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Honduras has lagged behind its Central American neighbors like Costa Rica in sustainable tourism -- though admittedly, the country is a leader in the green game. The infrastructure and the money just haven't been there. High energy prices, especially in rural areas, have not made things easy, but poor planning and government mismanagement have also caused serious ecological problems. Even current tourism projects, such as the one at Los Micos Lagoon near Tela, have caused environmentalists to worry.

There is a glimmer of hope, however. On the local level and with the help of international NGOs and devoted conservationists, things are just now starting to swing the other way.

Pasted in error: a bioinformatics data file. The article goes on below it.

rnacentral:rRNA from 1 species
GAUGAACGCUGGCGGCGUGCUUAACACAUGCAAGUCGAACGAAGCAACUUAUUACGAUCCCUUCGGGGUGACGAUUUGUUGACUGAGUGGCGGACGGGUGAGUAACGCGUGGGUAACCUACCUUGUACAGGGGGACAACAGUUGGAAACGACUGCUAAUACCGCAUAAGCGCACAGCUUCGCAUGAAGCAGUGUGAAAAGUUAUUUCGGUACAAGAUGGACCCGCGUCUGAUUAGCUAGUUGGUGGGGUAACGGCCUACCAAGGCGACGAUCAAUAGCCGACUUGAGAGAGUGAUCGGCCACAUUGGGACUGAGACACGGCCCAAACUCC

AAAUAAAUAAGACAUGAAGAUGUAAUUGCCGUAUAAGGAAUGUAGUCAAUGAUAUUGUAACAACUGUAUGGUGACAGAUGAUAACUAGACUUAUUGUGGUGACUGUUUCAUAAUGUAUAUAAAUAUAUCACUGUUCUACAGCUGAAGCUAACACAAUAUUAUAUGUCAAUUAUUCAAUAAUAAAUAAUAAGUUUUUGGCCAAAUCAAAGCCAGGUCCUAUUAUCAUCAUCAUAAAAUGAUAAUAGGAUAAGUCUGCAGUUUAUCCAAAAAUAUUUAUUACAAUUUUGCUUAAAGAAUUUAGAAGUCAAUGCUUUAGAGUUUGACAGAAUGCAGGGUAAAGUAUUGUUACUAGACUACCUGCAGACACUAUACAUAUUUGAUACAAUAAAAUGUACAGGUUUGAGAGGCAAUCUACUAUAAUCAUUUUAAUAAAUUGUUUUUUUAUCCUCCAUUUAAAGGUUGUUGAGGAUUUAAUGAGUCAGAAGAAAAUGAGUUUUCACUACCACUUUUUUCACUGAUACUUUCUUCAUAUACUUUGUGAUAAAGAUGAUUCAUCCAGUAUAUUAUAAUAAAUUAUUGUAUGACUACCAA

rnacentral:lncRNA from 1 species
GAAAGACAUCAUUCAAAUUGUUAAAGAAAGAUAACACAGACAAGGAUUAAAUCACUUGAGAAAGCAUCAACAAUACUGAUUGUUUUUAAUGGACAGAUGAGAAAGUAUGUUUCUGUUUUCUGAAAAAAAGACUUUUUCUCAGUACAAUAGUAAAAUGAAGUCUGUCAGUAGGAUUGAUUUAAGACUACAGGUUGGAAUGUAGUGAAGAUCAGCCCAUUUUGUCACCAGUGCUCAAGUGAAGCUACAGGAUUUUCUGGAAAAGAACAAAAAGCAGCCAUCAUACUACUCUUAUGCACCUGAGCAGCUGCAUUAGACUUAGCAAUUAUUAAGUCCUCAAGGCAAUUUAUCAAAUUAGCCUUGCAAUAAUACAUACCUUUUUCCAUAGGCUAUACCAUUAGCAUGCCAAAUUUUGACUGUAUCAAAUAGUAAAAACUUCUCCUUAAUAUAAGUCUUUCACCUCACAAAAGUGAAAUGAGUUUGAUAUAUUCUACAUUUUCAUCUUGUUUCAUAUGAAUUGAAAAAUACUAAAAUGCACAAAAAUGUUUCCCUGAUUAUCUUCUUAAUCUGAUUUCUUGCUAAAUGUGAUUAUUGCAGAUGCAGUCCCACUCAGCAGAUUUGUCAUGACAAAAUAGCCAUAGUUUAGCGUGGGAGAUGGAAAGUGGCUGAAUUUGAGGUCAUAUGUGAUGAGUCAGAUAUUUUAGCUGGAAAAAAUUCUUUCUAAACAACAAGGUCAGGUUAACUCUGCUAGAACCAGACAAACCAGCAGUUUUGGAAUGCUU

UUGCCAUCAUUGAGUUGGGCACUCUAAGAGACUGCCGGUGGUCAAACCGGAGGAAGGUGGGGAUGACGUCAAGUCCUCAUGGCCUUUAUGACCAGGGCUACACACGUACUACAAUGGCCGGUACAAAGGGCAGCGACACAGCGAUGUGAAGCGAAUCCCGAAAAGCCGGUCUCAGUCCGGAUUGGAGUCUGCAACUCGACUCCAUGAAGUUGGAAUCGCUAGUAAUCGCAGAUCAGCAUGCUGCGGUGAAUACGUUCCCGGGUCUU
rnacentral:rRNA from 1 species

Perhaps the most important project is going on in the most desolate place. In La Mosquitia, the organization La Ruta Moskitia (an alliance of five indigenous communities) and RARE (an international conservation organization) have designed a community-based tourism project to address poverty alleviation and biodiversity conservation in the Río Plátano Biosphere Reserve. They work directly with local villagers to train them as guides and help launch new tours and eco-lodges. Many of the villages even accept seasonal volunteers to help protect the nests of leatherback turtles and other rare species that call the region their home.

In Pico Bonito National Park, including the parts along the Río Cangrejal, new eco-lodges, tour operators, and conservation-minded individuals are grouping together and working with local villages in the park and NGOs. Other projects like these, almost entirely organized and operated without government assistance, are occurring in places such as Utila, Lago de Yojoa, Copán, and beyond. It makes you wonder just what could be done if the government stepped in. As these small hotels gain worldwide recognition, choosing to stay there over the larger chain hotels makes an important statement to other hotels in the area that are increasingly following their example.